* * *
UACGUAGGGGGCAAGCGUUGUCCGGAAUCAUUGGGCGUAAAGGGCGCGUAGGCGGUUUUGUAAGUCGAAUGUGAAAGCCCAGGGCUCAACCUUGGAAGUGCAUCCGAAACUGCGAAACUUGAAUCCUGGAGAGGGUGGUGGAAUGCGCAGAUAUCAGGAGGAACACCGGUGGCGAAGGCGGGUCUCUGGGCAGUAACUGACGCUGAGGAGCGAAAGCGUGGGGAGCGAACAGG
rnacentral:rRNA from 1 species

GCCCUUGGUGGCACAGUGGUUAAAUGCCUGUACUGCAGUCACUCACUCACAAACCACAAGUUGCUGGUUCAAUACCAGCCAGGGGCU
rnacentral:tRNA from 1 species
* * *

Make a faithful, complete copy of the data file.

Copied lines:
UACGUAGGGGGCAAGCGUUGUCCGGAAUCAUUGGGCGUAAAGGGCGCGUAGGCGGUUUUGUAAGUCGAAUGUGAAAGCCCAGGGCUCAACCUUGGAAGUGCAUCCGAAACUGCGAAACUUGAAUCCUGGAGAGGGUGGUGGAAUGCGCAGAUAUCAGGAGGAACACCGGUGGCGAAGGCGGGUCUCUGGGCAGUAACUGACGCUGAGGAGCGAAAGCGUGGGGAGCGAACAGG
rnacentral:rRNA from 1 species

GCCCUUGGUGGCACAGUGGUUAAAUGCCUGUACUGCAGUCACUCACUCACAAACCACAAGUUGCUGGUUCAAUACCAGCCAGGGGCU
rnacentral:tRNA from 1 species